Date of Award

August 2023

Degree Type


Degree Name

Master of Science


Biomedical Sciences

First Advisor

Jennifer A. Doll

Committee Members

Elizabeth Liedhegner, Claire de la Cova


cancer, hyperglycemia, progression, prostate, ZnT1


Background: Prostate cancer is the second leading cause of cancer in men worldwide. Many studies have shown that hyperglycemia is associated with an increased risk of prostate cancer progression. Furthermore, normal prostate glandular epithelium has a high zinc content that accommodates prostate glandular function for citrate secretion while malignant prostate tissues contain less zinc compared to normal prostate tissues. As shown in previous studies, accumulation of zinc appears to be detrimental in LNCaP and PC-3 prostate cancer cells. Zinc efflux transporter (ZnT1) has a crucial role in regulating intracellular zinc homeostasis by exporting zinc into the extracellular space, and it has a single N-glycosylation site at asparagine 299 (N299). Moreover, ZnT1 was found to be upregulated in prostate cancer. Interestingly, acute high glucose levels enhanced zinc secretion via ZnT1 in normal prostate epithelial cells and slightly in PC-3 cells. The exact mechanism by which acute and chronic high glucose might affect ZnT1 and intracellular zinc homeostasis is unknown. The object of this study is to determine the effect of high glucose level on ZnT1 expression, membrane localization, and glycosylation state in prostate cancer cells. Methods: Prostate cancer cell lines, LNCaP (androgen sensitive) and PC-3 (androgen resistant) cells were used in this study. LNCaP and PC-3 cells were maintained in low glucose media (5.5 mM), plated overnight, then incubated for 48 h in low glucose (L) media (5.5 mM; control) or in high glucose (H) media (25 mM). Total cell lysate (CL) was collected. Cell surface localization of ZnT1 was assessed using a cell surface biotinylation assay kit. CL samples and eluent samples containing cell surface protein were analyzed by Western blot using anti-ZnT1 antibody and GAPDH antibody as loading control for CL samples. Proliferation and viability of the cells were quantified by direct cell counts using trypan blue exclusion assay for viability. Densitometry was performed using ImageJ software, normalizing CL to GAPDH expression and biotinylated samples to cell number. Statistical significance was performed using a student t-test with a p-value cut of < 0.05. Results: In LNCaP and in PC-3 cells, no significant difference was observed in cell proliferation and viability in response to high glucose treatment compared to the control. In PC-3 cells, high glucose treatment significantly upregulated total ZnT1 expression (p = 0.032) and ZnT1 cell membrane expression (p = 0.007). In contrast, there was no significant difference in total ZnT1 level between high glucose treated LNCaP cells and the control. Analysis of the biotinylated ZnT1 in LNCaP showed that high glucose treatment significantly decreased nonglycosylated ZnT1 dimer (p = 0.034), and glycosylated monomer (p = 0.04) on the cell membrane. However, there was no significant difference in the total ZnT1, total glycosylated and ZnT1 dimer levels (glycosylated and nonglycosylated) on the cell membrane between high glucose-treated LNCaP and the control. Conclusion: Based on these data, high glucose levels may contribute to prostate cancer progression via ZnT1 upregulation as shown in PC-3 cells. Further studies are needed to determine the effect of high glucose on intracellular zinc concentration and glycosylation state of ZnT1 in normal prostate epithelium and prostate cancer cells.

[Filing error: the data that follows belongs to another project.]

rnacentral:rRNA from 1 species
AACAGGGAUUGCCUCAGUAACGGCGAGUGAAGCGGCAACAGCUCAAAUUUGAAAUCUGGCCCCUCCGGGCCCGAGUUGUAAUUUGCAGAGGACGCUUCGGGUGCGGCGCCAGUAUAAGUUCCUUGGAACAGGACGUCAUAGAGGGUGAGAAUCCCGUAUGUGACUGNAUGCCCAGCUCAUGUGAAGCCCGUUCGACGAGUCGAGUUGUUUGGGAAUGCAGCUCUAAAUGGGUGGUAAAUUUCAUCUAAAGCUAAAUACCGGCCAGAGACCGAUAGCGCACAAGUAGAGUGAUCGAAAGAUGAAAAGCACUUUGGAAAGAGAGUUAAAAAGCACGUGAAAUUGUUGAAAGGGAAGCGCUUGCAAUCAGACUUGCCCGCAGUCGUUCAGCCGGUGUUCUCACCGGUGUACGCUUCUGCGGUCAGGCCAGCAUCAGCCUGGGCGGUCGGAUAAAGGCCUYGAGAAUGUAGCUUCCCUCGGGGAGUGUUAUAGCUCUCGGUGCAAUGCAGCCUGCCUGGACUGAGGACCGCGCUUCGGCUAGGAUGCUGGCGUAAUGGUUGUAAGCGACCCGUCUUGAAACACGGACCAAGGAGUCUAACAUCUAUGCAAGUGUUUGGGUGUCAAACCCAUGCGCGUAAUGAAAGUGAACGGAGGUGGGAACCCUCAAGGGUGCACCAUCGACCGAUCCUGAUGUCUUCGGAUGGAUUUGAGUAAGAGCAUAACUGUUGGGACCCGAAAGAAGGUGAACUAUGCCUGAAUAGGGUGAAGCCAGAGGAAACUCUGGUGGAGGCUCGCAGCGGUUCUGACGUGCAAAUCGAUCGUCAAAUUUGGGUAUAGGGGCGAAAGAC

Available for download on Sunday, August 31, 2025